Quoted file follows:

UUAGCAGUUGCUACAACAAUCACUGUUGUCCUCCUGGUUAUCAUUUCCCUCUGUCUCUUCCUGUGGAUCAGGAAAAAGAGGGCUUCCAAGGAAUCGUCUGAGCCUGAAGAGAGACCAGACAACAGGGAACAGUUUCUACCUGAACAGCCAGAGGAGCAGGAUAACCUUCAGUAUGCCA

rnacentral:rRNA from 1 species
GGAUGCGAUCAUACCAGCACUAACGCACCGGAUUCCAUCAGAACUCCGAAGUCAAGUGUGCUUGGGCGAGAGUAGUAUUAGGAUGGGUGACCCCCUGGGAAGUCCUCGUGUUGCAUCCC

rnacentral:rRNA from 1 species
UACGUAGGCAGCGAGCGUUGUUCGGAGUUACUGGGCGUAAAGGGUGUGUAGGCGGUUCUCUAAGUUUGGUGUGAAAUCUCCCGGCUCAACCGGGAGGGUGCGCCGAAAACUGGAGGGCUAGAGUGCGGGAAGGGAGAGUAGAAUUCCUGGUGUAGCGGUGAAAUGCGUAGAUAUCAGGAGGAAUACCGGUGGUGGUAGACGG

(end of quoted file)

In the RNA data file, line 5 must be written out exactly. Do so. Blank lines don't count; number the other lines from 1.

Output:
UACGUAGGCAGCGAGCGUUGUUCGGAGUUACUGGGCGUAAAGGGUGUGUAGGCGGUUCUCUAAGUUUGGUGUGAAAUCUCCCGGCUCAACCGGGAGGGUGCGCCGAAAACUGGAGGGCUAGAGUGCGGGAAGGGAGAGUAGAAUUCCUGGUGUAGCGGUGAAAUGCGUAGAUAUCAGGAGGAAUACCGGUGGUGGUAGACGG